In the months ahead, the Bank of England will begin printing new bonds to buy British bonds.
The new bonds will be backed by the government’s £1.7 trillion Sovereign Bond Fund.
But if the Government decides to buy the bonds, the proceeds will be used to fund its spending on the public sector and the economy, including a £500 billion injection of money into the NHS.
The UK government plans to borrow the money through a new debt purchase scheme that will see it issue new debt to fund the public-sector borrowing.
But the Government is struggling to find the money to pay off its debt.
And with inflation running at near record levels, the Government needs to cut its spending in order to keep its borrowing costs down.
What’s the difference between a bond and a currency?
The key difference between currency and bond is that a currency can be issued for a short period of time and then it disappears.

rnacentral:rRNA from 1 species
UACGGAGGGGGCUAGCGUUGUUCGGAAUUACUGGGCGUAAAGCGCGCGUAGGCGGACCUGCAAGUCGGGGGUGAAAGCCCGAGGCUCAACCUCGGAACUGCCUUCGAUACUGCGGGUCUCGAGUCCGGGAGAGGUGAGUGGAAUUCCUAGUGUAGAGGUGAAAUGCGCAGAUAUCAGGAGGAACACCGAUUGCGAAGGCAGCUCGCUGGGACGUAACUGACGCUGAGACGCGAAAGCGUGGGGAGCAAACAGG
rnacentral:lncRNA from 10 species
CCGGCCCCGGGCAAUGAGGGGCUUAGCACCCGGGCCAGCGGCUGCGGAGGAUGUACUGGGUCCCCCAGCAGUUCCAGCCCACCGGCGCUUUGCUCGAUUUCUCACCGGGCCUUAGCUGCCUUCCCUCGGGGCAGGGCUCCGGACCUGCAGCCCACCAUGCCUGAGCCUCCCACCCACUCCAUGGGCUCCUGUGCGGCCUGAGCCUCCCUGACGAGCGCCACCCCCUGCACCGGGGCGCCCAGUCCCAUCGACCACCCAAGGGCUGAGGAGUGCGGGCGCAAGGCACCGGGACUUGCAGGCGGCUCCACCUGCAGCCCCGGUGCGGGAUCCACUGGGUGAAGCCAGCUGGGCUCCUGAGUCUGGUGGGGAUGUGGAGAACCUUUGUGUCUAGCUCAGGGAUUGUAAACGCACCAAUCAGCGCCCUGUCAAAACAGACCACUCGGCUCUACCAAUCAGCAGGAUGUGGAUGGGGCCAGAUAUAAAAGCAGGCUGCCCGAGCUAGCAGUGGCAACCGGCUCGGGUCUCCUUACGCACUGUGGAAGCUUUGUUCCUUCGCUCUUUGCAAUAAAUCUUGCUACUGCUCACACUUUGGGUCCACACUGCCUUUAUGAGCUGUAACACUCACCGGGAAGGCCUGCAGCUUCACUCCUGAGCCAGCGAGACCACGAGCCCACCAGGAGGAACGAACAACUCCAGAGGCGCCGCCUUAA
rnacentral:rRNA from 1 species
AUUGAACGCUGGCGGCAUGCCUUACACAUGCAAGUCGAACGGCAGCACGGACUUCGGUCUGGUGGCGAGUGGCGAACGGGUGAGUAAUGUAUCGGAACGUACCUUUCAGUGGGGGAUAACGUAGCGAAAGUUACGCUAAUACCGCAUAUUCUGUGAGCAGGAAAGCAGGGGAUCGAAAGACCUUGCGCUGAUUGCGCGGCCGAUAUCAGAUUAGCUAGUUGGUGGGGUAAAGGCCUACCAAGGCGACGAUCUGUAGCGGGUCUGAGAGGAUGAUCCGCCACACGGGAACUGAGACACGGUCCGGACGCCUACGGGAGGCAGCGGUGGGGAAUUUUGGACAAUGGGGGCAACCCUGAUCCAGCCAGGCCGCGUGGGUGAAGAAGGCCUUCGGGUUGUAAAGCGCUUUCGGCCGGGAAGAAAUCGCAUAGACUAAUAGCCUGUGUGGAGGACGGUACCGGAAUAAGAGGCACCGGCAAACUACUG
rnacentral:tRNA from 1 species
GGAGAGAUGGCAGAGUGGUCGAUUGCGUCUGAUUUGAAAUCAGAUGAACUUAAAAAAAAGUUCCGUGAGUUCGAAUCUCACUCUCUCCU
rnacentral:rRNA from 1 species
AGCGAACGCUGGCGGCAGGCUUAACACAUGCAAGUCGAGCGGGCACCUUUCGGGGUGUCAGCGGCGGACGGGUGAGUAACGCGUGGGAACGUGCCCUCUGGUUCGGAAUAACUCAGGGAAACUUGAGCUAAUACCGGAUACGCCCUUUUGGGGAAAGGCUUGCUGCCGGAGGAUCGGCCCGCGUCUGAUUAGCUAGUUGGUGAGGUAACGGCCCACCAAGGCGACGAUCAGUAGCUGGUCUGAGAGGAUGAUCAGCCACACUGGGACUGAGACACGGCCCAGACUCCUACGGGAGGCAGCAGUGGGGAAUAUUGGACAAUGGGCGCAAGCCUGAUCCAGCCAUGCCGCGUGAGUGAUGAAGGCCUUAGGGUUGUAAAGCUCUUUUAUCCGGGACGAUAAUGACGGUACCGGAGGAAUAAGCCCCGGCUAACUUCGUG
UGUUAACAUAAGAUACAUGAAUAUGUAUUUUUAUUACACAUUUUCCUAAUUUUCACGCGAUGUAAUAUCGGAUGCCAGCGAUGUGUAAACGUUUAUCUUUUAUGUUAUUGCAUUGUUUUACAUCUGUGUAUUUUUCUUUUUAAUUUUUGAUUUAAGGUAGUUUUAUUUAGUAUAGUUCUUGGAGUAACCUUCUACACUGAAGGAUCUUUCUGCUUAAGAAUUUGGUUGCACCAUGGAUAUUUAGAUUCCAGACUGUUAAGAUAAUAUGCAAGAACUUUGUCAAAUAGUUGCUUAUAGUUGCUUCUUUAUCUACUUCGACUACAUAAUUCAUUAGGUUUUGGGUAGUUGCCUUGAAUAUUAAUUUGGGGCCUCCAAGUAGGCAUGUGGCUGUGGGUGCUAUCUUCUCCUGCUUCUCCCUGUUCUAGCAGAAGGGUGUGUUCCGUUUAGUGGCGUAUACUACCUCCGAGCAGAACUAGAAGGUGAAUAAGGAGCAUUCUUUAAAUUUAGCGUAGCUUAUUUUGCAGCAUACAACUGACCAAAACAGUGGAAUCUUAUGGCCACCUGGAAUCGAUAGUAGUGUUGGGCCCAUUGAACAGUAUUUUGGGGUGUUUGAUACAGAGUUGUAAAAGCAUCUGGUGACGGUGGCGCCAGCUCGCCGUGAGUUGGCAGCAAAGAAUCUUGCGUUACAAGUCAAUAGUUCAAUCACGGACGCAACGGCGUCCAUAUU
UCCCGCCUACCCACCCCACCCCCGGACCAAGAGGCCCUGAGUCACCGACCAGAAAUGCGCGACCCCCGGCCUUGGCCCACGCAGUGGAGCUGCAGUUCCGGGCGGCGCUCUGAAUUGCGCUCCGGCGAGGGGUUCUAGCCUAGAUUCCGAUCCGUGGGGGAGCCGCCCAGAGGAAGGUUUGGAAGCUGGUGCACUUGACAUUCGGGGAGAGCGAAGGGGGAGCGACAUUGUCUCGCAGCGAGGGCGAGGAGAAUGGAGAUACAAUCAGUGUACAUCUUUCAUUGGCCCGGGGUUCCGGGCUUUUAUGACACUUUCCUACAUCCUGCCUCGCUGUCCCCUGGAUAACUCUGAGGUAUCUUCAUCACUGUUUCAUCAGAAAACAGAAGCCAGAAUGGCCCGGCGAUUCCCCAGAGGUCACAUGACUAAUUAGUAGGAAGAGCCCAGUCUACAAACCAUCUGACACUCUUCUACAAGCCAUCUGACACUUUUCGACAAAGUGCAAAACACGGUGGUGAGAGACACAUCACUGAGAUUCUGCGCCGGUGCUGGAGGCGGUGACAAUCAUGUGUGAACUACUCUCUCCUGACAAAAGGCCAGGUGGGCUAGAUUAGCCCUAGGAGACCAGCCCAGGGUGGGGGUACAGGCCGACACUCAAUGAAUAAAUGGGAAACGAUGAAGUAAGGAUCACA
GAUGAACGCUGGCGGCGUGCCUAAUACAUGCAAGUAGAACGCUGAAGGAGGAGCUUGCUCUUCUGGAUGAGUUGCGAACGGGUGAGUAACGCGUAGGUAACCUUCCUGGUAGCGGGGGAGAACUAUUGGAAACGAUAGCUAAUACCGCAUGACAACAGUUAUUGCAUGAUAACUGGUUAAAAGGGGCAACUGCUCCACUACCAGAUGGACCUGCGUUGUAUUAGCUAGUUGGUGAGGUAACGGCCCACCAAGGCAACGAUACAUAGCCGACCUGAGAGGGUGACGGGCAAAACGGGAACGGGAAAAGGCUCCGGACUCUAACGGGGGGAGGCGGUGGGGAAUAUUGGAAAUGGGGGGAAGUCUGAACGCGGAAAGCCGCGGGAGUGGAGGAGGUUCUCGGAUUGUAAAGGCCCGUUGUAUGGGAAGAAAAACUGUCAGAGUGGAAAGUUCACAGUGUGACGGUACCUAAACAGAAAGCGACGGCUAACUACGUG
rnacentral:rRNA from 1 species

The government can issue new currency for a longer period of, say, 10 years, and it’s called a sovereign currency.
A currency can also be used for long periods of time, and can be used by the UK and other countries for different purposes.
A bond can be backed with cash that is then lent to the Government.
But currency has no fixed value.
The value of a currency fluctuates depending on the economic conditions in a country.
So when the UK starts printing new debt, it will probably see the value of its currency fall, said Peter Boulton, an economist at Capital Economics.
The Government said it would be able pay down its debt through the Sovereign Bond, which will also be issued to the private sector.
How will this affect me?
You’ll probably have to wait until later this year before you can start to use the new bonds.
If you have any debts to pay, the bond issue will automatically be taken care of by the Treasury.
But any future payments you make will be due to your bank.